Yet another plaintext attack to ZIP encryption scheme.

2007.10.21
Risk: Medium
Local: Yes
Remote: No
CWE: N/A


CVSS Base Score: 4.6/10
Impact Subscore: 6.4/10
Exploitability Subscore: 3.9/10
Exploit range: Local
Attack complexity: Low
Authentication: No required
Confidentiality impact: Partial
Integrity impact: Partial
Availability impact: Partial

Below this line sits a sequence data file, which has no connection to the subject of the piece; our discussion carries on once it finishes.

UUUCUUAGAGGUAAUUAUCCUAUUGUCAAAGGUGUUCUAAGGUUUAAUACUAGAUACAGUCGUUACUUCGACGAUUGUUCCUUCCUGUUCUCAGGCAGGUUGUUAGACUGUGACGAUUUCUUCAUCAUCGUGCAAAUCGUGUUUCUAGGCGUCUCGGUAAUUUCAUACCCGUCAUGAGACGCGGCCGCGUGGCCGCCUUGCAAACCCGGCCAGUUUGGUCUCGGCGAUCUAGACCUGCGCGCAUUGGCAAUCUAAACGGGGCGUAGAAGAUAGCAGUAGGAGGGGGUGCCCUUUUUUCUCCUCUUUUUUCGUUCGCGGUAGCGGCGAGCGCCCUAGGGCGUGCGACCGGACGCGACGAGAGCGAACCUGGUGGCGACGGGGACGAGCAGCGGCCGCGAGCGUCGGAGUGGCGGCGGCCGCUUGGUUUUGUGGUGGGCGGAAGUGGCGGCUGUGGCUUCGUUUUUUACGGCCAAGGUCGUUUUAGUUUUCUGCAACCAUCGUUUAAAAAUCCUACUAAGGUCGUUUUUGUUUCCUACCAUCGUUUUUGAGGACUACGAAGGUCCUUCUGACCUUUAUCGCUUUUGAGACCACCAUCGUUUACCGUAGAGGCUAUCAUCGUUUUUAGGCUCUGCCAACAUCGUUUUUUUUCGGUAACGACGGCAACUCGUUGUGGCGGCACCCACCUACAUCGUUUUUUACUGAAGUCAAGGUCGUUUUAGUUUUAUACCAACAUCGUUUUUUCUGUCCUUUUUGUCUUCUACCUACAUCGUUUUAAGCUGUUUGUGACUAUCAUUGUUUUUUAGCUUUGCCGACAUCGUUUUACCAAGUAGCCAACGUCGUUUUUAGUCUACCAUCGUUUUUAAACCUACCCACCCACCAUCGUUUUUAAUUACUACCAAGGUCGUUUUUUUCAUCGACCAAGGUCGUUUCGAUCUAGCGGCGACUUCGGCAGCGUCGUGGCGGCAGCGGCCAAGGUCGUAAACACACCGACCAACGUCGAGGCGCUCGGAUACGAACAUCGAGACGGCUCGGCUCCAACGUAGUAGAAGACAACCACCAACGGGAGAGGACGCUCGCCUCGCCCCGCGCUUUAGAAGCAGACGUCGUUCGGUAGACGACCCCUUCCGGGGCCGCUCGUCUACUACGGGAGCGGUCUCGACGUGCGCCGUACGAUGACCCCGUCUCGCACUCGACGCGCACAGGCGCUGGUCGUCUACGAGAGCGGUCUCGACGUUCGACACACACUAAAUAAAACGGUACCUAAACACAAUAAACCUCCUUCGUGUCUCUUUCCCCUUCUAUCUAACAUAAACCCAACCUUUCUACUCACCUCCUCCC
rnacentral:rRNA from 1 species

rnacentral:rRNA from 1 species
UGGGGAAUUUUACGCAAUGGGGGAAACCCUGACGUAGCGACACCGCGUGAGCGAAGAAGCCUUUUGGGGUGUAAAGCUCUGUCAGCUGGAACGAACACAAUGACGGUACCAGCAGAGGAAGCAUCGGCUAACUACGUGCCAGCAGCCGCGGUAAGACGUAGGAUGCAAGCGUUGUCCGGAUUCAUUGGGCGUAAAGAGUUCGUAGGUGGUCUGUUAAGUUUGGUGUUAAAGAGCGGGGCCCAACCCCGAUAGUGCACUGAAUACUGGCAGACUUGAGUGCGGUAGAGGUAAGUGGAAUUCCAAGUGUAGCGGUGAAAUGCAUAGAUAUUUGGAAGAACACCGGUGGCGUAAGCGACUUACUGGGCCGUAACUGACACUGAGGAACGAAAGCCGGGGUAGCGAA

Introduction ------------ The ZIP format is one of the most widely used compresion/archival programs on computers systems, its use is even more extended on Windows plataform, with WinZIP program. Known Attacks ------------- The PKZIP encryption scheme have been proved to be weak in a lot of papers that are listed at the end of this paper. We found an other way to attack the encryption scheme using reversing enginiering in WinZIP IBDL32.dll. A known problem is to get valid plain text in order to do an attack using the "know plain text technic" [1]. Mikel Stay published at 2001 "ZIP Attack with Reduced Known-Plaintext" [2], that improved the firt attack, but the problem to get plaintext stil existed. Getting plaintext is so dificult because plaintext is on compression form and a minimum change on data would represent a great alteration, so if we didn't know a full file content included on zip file we couldn't do anything. We will discuse if deflating system is used the know plaintext attack, turns to be fearly easy. The encrytion scheme -------------------- Status change functions: void update_keys(char p) { key0=crc32(key0, p); key1=key1 + (key0 & 0xff); key1=key1 * 134775813 + 1; key2=crc32(key2, key1>>24); } char decrypt_byte(char b) { unsigned short tmp; tmp=key2 | 2; return(tmp * (tmp^1)>>8); } To inizializate the keys: .. key0=305419896; key1=591751049; key2=878082192; for(i=0 ; i<strlen(pass) ; i++) { update_keys(pass[i]); } .. To code a byte of data: .. tmp=byte^decrypt_byte(byte); update_keys(tmp); .. Besides ,12 random bytes are prepended to the compressed data in order to make plaintext attack more dificult. This bytes are very important to initializate the state of the stream code. Because if we know the state of the stream code on any time we can reverse until we get to the beginning. The attack ---------- Most ZIP coders use rand function to generate this 12 random bytes, but other zippers use own function, this is the case of WinZIP. Attacking this encryption scheme using this 12 prepended random bytes is not a new idea , [2] describes this kind of attack but a minimum of 5 files in a zip are needed in order to succeed. If we reverse engineering WinZIP rand(m generation code, we find the following code. 46c5a0 push ebp 46c5a1 mov ebp, esp 46c5a3 mov eax, [IBDL32.dll:Seed] 46c5a8 mov edx, eax 46c5aa add edx, edx 46c5ac add edx, eax 46c5ae shl edx, 2 46c5b1 add edx, eax 46c5b3 mov ecx, edx 46c5b5 shl ecx, 4 46c5b8 add ecx, eax 46c5ba mov edx, ecx 46c5bc shl edx, 8 46c5bf sub edx, eax 46c5c1 shl edx, 2 46c5c4 lea ecx, [eax+edx] 46c5c7 mov [IBDL32.dll:Seed], ecx 46c5cd mov eax, [IBDL32.dll:Seed] 46c5c2 sar eax, 10h 46c5c5 mov ecx, eax 46c5c7 and ch, 7fh 46c5ca movzx edx, cx 46c5cd mov eax, edx 46c5cf ret It seems to be an ofuscated code, but if we analize this we can see that C code may be like. unsigned short rand() { seed=0x343fD * seed; return ((seed >> 16)&0x7fff); } A normal rand implementation looks like: unsigned short rand() { seed=0x343fD * seed + 0x269ec3; return ((seed >> 16)&0x7fff); } Initialy seems that the person who wrote this code forgot to add 0x269ec3 to seed, but this can leed to a security problem, because the posible secuences are reduced from 2^(12*8) to 2^(3*8). We will discuss the concrete mathematical apects of rand on a future paper, now we will show how to crack zip file using this miss. Reducing the secuences makes more easy to do a bruteforce attack and then gess the state of the stream coder (key0, key1, key2). We can return to initial state using this known formules form pkcrack source code (stage2 line 175): /* The equation from section 3.3 is used twice here: * (1) key1_{n-1} + LSB(key0_n) = rhs = (key1_n - 1) * INVCONST * and * (2) key1_{n-2} + LSB(key0_{n-1}) = (key1_{n-1} - 1) * INVCONST * * At this point we know key1_n, MSB(key1_{n-1}) and MSB(key1_{n-2}). * * From (2) follows * MSB(key1_{n-2}) = MSB((key1_{n-1} - 1) * INVCONST - LSB(key0_{n-1})) * Inserting (1) yields * MSB(key1_{n-2}) = MSB((rhs - 1)*INVCONST - * LSB(key0_n)*INVCONST - LSB(key0_{n-1})) * which means that either * (a) MSB(key1_{n-2}) = MSB((rhs - 1)*INVCONST) - * MSB(LSB(key0_n)*INVCONST - LSB(key0_{n-1})) * or * (b) MSB(key1_{n-2}) = MSB((rhs - 1)*INVCONST) - * MSB(LSB(key0_n)*INVCONST - LSB(key0_{n-1})) - 1 * * It can easily be verified that for any two bytes b1, b2: * MSB( b1*INVCONST + b2 ) = MSB( b1*INVCONST ) * (simple exhaustive test on 2^16 combinations) * * We have computed diff = MSB((rhs - 1)*INVCONST) - MSB(key1_{n-2}). * Now all we have to do is find values for key0_n so that * (following from (1)) * MSB(key1_{n-1}) = MSB(rhs-LSB(key0_n)) * and (following from (a) and (b)) either * diff = MSB(LSB(key0_n)*INVCONST) * or * diff = MSB(LSB(key0_n)*INVCONST) + 1 * * Candidate values are selected using the precomputed lookup table mTab2. */ Proof of concept --------------- We have been able to exploit this weak random generation on ZIP files with more that 3 files (12*3 => 36 bytes of known plaintext), but with less than two hours on a Pentium 500Mhz with 128Mb. Attacks to ZIPs with less than 3 files might be also posible because in WinZIP the two CRC most important bytes are estored within the 12 "random" numbers. tocrack.zip is a file created with WinZIP 8.0, the password is "&THPOL101%ISLAME@|1" whis is a 19 length password , ( wich impossible to crack if we bruteforce the password ) , but what we are bruteforcing is the 3 keys that are generated with the password. [rmn@mightsoft ~]$ zipinfo tocrack.zip Archive: tocrack.zip 679 bytes 3 files -rw-rw-rw- 2.0 fat 138 T- defX 8-Feb-03 01:31 file3.txt -rw-rw-rw- 2.0 fat 163 T- defX 8-Feb-03 01:31 file2.txt -rw-rw-rw- 2.0 fat 270 T- defX 8-Feb-03 01:31 file1.txt 3 files, 571 bytes uncompressed, 339 bytes compressed: 40.6% [rmn@mightsoft ~]$ ./zipproof -p tocrack.zip [*] generating posible secuences.. DONE. [*] reducing number of posible Key2.. DONE. [*] Bruteforcing: [-] Key2 => 0x6a54f21e [*] Generating initial keys: [-] Key0 => 0xaca8571c [-] Key1 => 0x439e8759 [-] Key2 => 0x508d8f22 [*] Tryng to get password.. Not found! [E] Is not posible to find a password for these keys, you can use findkeys tool (from pkcrack) to get it. [rmn@mightsoft ~]$ It was not posible to recover the password because it was too large, but with that keys is very easy to extract data files from ZIP (using pkcrack zipdecrypt). [rmn@mightsoft ~]$ ./zipdecrypt 0xaca8571c 0x439e8759 0x508d8f22 tocrack2.zip result.zip Decrypting file1.txt (bb6c9531638e70d425ebe60b)... OK! Decrypting file2.txt (0f57542dbf0e18517a5cee0b)... OK! Decrypting file3.txt (2d2bc008f19607809298f90b)... OK! Affected targets ---------------- This problem is in IBDL32.dll, that is used in some ZIP compresors like the afore mentioned WinZIP. Recomendations -------------- Even if this problem is not present in your ZIP compressor the ZIP encryption scheme is very weak and should not be used to encrypt sensitive data. Use zip and then encrypt with your favorite encryptation program. Credits ------- Mike Stevens - <mikestevens (at) softhome (dot) net [email concealed]> Elisa Flanders - <eflanders (at) springfield (dot) com [email concealed]> Greetz ------ Eli Biham, Paul C. Kocher, Mikel Stay, for the papers. Peter Conrad, for pkcrack. Cocacola, for keeping us awake. Bibliography ------------ [1] - "Known Plaintext Attack on the PKZIP Stream Cipher". Eli Biham and Paul C. Kocher [2] - "ZIP Atack with reduced Known-Plaintext". Mikel Stay [3] - PKZIP Specs: APPNOTE.txt.